The author traces the mental patterns of how we "type" people. The process involves focussing on particular aspects while ignoring the rest. His favourite example is the motorist stopped by a police officer. The officer turns out to be a dark-skinned female. Does the motorist view the officer as a cop, as an Arab, as a light-skinned African or as a woman? For some of us, by the time we work it out, the ticket has been dispensed! The delay is due to our propensity to carry the "type" in our minds, then select characteristics that seem to fit. We generally select an essential characteristic and focus on that. Skin colour is an obvious "essential", but left-handedness or dress can be just as suitable.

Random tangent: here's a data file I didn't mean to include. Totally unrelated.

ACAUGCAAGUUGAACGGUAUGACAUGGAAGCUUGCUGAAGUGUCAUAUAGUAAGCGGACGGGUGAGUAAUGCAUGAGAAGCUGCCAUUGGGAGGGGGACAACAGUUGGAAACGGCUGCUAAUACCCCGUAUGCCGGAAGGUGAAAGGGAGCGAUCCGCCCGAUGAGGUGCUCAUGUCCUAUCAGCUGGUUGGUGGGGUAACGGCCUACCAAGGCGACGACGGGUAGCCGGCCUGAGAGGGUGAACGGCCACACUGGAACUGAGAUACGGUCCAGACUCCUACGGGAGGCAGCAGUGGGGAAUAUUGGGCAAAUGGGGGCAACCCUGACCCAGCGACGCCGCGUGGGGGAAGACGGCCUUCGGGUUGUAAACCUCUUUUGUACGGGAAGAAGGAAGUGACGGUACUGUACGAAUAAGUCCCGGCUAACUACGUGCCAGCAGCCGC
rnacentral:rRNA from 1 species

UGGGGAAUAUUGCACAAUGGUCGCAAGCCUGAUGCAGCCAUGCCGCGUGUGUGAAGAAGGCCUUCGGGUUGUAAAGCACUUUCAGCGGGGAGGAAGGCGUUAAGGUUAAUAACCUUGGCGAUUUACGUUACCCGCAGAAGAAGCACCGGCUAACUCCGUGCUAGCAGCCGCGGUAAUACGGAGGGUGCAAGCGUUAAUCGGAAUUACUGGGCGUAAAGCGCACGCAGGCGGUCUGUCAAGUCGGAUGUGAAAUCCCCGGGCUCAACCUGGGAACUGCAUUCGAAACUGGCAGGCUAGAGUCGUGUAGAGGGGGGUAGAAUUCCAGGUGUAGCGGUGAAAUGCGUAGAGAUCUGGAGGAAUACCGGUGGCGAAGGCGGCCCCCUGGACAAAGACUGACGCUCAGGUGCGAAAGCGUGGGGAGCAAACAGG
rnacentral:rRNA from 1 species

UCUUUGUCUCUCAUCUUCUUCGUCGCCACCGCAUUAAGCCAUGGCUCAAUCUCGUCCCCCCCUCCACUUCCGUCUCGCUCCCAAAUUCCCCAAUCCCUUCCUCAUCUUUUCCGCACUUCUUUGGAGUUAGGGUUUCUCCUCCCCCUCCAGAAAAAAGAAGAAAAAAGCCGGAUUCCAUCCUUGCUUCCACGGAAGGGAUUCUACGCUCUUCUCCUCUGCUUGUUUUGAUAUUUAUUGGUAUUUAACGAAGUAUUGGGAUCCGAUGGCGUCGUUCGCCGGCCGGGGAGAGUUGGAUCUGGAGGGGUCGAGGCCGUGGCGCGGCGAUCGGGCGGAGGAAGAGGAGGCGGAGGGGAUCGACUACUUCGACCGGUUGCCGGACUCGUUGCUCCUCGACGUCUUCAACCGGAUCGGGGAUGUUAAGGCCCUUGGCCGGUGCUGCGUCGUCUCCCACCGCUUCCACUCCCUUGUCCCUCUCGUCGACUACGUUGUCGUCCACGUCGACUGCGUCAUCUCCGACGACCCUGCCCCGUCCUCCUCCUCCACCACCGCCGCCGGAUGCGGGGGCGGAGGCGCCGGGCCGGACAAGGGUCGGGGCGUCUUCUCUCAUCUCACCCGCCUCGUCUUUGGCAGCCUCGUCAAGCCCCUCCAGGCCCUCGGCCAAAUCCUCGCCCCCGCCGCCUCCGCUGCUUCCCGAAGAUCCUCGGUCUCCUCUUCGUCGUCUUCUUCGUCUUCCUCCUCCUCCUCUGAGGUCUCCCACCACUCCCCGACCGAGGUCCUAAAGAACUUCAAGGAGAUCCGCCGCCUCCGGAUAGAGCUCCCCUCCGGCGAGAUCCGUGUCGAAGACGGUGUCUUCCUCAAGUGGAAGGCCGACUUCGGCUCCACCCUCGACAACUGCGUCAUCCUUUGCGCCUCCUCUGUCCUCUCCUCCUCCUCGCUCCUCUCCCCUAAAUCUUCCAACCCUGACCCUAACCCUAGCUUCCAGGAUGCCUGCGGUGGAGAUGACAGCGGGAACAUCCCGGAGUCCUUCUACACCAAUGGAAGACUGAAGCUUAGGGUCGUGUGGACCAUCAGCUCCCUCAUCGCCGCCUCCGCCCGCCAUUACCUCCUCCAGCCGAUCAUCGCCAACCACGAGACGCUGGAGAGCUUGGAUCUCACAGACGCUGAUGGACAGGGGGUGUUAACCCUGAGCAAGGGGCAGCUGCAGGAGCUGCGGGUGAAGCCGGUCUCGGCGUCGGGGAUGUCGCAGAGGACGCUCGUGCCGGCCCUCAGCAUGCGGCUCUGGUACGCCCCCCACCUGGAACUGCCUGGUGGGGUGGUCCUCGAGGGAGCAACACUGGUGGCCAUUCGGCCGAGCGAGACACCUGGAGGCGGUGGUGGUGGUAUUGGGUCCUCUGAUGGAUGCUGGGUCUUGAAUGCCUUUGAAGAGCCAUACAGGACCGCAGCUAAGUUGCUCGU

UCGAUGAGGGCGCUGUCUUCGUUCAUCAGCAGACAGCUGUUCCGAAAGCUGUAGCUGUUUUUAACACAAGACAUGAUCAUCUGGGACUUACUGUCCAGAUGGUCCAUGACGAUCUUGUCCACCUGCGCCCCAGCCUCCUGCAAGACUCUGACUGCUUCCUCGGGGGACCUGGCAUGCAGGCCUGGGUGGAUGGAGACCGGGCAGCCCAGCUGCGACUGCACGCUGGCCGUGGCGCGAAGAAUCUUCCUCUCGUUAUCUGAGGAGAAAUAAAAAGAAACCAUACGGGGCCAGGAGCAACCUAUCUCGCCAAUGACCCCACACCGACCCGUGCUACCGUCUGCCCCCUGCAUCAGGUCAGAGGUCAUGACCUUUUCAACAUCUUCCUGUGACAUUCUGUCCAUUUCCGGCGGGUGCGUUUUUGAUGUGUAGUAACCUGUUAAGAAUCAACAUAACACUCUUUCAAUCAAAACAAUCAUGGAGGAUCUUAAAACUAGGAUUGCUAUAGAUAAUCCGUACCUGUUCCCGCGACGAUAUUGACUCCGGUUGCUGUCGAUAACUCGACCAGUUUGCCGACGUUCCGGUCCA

These essentials, he argues, can be reinforced within ourselves, as well. In a famous study, Asian women were set into groups, some reminded that Asians are considered to excel in math, others that women are deficient in those skills. When tested, the ones who believed Asians are superior in math had higher test scores. "Type" reinforcement has many ways of developing and expressing beliefs. The best example of this is the military person. Recruits are trained to shed previously held categories, which are replaced with new values. Society at large dims as new loyalties to the squad are instilled. Sacrifice is raised in merit, and hierarchically, running from one's immediate mates, through the levels of the force and finally the nation as an entity. This training is not easily shed, as one marine demonstrated when he left his drinking chums to chat with a uniformed individual. Their shared experiences were more powerful than the friendship bonds.